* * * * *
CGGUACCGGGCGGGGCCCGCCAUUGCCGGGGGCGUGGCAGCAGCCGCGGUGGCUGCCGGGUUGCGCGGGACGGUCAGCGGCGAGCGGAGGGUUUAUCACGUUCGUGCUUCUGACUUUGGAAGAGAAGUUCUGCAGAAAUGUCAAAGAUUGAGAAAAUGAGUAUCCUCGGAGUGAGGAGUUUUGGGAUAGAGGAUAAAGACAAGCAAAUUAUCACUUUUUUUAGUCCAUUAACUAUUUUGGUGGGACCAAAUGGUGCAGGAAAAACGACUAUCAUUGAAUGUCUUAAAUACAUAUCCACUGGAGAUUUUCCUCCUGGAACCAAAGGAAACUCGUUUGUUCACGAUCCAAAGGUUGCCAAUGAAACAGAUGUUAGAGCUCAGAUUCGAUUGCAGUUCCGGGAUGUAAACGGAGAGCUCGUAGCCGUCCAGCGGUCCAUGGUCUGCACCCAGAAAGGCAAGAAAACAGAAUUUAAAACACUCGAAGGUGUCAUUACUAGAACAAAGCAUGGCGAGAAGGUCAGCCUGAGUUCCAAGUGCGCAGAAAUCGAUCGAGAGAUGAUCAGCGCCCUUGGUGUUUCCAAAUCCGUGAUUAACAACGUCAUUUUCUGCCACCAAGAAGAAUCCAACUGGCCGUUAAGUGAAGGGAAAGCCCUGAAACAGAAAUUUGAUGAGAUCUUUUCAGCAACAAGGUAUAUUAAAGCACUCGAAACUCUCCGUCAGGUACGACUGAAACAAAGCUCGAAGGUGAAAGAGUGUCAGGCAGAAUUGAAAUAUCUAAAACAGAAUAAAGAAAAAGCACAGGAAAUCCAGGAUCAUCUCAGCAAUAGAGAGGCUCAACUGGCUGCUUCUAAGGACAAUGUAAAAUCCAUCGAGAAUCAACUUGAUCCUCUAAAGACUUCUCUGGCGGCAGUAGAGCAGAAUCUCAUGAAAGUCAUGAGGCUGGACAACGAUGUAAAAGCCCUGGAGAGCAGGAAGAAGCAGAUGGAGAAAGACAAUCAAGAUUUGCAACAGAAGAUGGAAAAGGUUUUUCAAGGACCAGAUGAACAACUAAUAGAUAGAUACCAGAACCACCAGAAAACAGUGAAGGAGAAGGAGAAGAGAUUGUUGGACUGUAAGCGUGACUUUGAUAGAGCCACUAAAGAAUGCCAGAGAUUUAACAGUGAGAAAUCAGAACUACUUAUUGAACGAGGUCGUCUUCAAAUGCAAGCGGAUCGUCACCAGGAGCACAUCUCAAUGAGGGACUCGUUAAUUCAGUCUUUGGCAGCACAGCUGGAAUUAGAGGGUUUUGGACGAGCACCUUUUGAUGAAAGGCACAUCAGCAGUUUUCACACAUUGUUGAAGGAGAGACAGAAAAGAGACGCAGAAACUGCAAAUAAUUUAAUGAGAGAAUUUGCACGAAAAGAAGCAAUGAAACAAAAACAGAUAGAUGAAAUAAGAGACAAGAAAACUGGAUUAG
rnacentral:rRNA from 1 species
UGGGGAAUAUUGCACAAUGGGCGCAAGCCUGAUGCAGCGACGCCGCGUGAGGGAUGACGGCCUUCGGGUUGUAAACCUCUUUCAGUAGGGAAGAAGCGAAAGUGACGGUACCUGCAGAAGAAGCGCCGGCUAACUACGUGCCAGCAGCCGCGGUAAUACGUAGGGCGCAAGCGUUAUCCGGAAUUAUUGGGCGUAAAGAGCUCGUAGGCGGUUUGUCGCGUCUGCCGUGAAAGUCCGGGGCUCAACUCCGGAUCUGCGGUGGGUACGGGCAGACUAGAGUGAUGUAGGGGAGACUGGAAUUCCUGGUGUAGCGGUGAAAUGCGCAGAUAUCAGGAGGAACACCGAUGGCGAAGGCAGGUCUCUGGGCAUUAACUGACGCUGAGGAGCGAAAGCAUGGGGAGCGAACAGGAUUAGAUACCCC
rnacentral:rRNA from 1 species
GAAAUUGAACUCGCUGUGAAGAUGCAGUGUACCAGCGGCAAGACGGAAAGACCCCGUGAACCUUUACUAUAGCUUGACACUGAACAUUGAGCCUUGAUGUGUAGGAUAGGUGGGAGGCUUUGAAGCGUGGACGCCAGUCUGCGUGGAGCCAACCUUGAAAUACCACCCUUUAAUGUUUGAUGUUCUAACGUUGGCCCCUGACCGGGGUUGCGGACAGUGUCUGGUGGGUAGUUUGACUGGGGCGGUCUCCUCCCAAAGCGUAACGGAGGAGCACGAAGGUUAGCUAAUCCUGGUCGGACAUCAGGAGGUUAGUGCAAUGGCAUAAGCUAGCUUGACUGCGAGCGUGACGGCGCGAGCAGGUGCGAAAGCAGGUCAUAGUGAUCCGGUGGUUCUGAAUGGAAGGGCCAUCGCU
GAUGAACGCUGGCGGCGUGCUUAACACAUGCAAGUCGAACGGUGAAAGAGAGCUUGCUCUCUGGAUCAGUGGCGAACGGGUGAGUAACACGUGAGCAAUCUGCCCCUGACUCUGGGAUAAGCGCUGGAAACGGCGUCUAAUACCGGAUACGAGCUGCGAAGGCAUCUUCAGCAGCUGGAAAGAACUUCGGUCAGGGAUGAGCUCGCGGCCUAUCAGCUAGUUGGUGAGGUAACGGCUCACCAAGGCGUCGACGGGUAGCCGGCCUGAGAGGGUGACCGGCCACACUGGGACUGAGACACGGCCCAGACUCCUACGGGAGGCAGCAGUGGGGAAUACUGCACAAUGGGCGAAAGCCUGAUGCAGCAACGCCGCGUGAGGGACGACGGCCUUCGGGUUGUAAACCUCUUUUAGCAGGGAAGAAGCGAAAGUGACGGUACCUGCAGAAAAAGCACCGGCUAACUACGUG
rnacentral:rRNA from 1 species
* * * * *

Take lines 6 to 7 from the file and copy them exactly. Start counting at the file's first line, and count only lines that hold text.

GAUGAACGCUGGCGGCGUGCUUAACACAUGCAAGUCGAACGGUGAAAGAGAGCUUGCUCUCUGGAUCAGUGGCGAACGGGUGAGUAACACGUGAGCAAUCUGCCCCUGACUCUGGGAUAAGCGCUGGAAACGGCGUCUAAUACCGGAUACGAGCUGCGAAGGCAUCUUCAGCAGCUGGAAAGAACUUCGGUCAGGGAUGAGCUCGCGGCCUAUCAGCUAGUUGGUGAGGUAACGGCUCACCAAGGCGUCGACGGGUAGCCGGCCUGAGAGGGUGACCGGCCACACUGGGACUGAGACACGGCCCAGACUCCUACGGGAGGCAGCAGUGGGGAAUACUGCACAAUGGGCGAAAGCCUGAUGCAGCAACGCCGCGUGAGGGACGACGGCCUUCGGGUUGUAAACCUCUUUUAGCAGGGAAGAAGCGAAAGUGACGGUACCUGCAGAAAAAGCACCGGCUAACUACGUG
rnacentral:rRNA from 1 species